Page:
When we cook red cabbage, we often use water. This water is usually neutral on the pH scale. As we mentioned earlier, anthocyanins change color based on how acidic or basic the environment is.

When we heat the cabbage in water, some of the acids that give the cabbage its red color can escape into the air. This changes the cabbage’s pH level, making it more basic. As a result, the anthocyanins change color from red to a bluish tone.

Remember, this doesn’t mean your cabbage is bad or unhealthy. It’s just the way anthocyanins work!

How Color Indicates Nutrient Levels

The colors we see in our foods are not just for show. They can tell us a lot about what nutrients are in our food. For example, the anthocyanins in red cabbage are not just responsible for its color. They also carry health benefits.

Studies have shown that anthocyanins can help protect our bodies from harmful things, like diseases. They do this by scavenging for harmful particles in our body and neutralizing them. The more anthocyanins a food has, the more health benefits it can offer.

In the case of red cabbage, a bright red color can indicate a high level of anthocyanins and thus more health benefits. So, while a blue cabbage is still healthy, a red one might offer more benefits (Myojin et al., 2008).

The Magic of pH

We talked a lot about pH, but what exactly is it? pH is a measure of how acidic or basic something is. Imagine a scale from 0 to 14. If something has a pH of 7, it is neutral, like water. If it’s less than 7, it’s acidic, like lemon juice. If it’s more than 7, it’s basic, like baking soda.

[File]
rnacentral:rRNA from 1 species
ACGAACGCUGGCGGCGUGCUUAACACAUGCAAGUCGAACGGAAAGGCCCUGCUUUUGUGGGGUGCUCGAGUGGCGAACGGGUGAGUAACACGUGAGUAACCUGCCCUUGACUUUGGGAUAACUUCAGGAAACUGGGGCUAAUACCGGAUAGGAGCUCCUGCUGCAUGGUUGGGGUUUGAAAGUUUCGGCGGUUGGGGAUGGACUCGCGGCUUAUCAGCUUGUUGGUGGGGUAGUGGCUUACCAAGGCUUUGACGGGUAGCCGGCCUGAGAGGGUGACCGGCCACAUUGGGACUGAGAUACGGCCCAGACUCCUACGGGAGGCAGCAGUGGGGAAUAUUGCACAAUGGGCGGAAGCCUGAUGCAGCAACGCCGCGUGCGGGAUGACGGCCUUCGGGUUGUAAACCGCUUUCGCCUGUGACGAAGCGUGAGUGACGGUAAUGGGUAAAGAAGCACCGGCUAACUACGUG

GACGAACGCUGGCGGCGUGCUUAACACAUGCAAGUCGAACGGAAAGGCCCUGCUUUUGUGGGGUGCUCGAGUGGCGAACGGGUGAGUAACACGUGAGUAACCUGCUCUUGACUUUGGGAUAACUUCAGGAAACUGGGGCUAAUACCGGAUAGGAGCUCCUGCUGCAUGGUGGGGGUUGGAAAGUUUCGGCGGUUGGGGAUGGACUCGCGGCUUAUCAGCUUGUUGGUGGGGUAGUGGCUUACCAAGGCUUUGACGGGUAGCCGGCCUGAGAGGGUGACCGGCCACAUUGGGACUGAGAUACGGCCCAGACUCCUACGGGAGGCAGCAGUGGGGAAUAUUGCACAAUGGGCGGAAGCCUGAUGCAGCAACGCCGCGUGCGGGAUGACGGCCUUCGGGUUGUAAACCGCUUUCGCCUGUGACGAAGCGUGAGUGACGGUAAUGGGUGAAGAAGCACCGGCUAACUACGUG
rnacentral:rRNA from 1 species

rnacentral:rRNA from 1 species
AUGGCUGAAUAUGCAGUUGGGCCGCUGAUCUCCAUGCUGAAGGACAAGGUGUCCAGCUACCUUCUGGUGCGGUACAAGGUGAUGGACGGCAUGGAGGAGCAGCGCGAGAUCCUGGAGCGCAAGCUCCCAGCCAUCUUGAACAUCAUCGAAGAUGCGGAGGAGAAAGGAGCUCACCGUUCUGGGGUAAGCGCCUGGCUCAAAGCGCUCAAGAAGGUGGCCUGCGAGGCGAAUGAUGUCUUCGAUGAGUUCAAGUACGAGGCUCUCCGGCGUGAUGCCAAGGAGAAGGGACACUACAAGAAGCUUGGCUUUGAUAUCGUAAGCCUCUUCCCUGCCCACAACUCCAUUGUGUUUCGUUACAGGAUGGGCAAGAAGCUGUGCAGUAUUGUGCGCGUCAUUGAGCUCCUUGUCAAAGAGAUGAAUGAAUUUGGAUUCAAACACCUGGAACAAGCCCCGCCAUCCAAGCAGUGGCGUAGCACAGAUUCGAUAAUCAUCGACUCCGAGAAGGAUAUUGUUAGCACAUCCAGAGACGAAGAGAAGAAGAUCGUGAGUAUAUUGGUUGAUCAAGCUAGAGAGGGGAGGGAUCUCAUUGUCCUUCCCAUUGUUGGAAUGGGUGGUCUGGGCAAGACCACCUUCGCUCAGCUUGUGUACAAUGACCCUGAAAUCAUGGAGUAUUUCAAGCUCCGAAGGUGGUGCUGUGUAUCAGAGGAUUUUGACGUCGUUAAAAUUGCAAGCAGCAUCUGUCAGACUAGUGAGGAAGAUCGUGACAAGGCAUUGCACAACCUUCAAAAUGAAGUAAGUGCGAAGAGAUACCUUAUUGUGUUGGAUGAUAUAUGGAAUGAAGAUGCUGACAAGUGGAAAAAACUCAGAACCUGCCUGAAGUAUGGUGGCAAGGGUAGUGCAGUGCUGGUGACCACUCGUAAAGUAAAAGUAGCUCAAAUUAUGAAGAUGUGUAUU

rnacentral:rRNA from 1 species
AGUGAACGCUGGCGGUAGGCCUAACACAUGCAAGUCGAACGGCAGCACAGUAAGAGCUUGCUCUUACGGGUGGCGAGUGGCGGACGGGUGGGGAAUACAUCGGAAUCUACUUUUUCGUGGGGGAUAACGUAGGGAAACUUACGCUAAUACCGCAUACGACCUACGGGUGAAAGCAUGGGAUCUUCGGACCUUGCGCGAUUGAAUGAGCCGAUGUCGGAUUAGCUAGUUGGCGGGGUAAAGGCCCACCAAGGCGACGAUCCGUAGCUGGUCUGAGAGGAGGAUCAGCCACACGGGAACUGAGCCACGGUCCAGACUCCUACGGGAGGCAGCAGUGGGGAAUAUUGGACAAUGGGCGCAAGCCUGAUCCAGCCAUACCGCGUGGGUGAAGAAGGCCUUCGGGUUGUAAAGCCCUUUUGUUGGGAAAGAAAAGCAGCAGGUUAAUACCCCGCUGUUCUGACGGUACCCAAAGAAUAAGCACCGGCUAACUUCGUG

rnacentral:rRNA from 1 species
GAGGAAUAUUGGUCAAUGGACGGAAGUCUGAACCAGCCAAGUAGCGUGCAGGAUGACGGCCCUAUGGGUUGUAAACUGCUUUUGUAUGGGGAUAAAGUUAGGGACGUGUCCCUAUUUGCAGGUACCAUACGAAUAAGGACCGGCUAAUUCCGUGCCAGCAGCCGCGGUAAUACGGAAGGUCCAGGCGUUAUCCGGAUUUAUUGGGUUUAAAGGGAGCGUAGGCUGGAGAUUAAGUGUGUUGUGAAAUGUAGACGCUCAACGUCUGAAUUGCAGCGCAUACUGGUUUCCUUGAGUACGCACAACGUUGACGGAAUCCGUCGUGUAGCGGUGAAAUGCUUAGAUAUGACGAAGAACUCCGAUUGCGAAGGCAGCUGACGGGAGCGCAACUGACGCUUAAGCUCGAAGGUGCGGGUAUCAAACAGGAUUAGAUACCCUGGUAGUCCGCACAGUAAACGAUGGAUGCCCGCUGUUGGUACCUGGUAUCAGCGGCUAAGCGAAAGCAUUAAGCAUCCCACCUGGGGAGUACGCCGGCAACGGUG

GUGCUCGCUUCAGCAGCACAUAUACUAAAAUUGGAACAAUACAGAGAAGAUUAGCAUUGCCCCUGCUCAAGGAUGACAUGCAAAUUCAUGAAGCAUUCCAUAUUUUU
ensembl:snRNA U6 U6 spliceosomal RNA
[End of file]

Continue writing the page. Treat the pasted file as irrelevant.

The pH of a food can affect not just its color, but also its taste and how it reacts with other foods. That’s why some recipes call for “balancing” the pH with ingredients like vinegar (acidic) or baking soda (basic). Understanding pH can help us understand our food better and even make us better cooks!


If you want to learn more about this, here are some resources you can check out:

  1. Malien-Aubert, C., Dangles, O., & Amiot, M. (2000). Color stability of commercial anthocyanin-based extracts in relation to the phenolic composition. protective effects by intra- and intermolecular copigmentation. Journal of Agricultural and Food Chemistry, 49(1), 170-176. https://doi.org/10.1021/jf000791o
  2. Myojin, C., Yamaguchi, T., Takamura, H., & Matoba, T. (2008). Changes in the radical-scavenging activity of shredded vegetables during storage. Food Science and Technology Research, 14(2), 198-204. https://doi.org/10.3136/fstr.14.198
  3. Stoddard, R. and McIndoe, J. (2013). The color-changing sports drink: an ingestible demonstration. Journal of Chemical Education, 90(8), 1032-1034. https://doi.org/10.1021/ed3007346
  4. Wang, J., Brennan, M., Brennan, C., & Serventi, L. (2021). Effect of vegetable juice, puree, and pomace on chemical and technological quality of fresh pasta. Foods, 10(8), 1931. https://doi.org/10.3390/foods10081931
  5. Yuan, Y., Chiu, L., & Li, L. (2009). Transcriptional regulation of anthocyanin biosynthesis in red cabbage. Planta, 230(6), 1141-1153. https://doi.org/10.1007/s00425-009-1013-4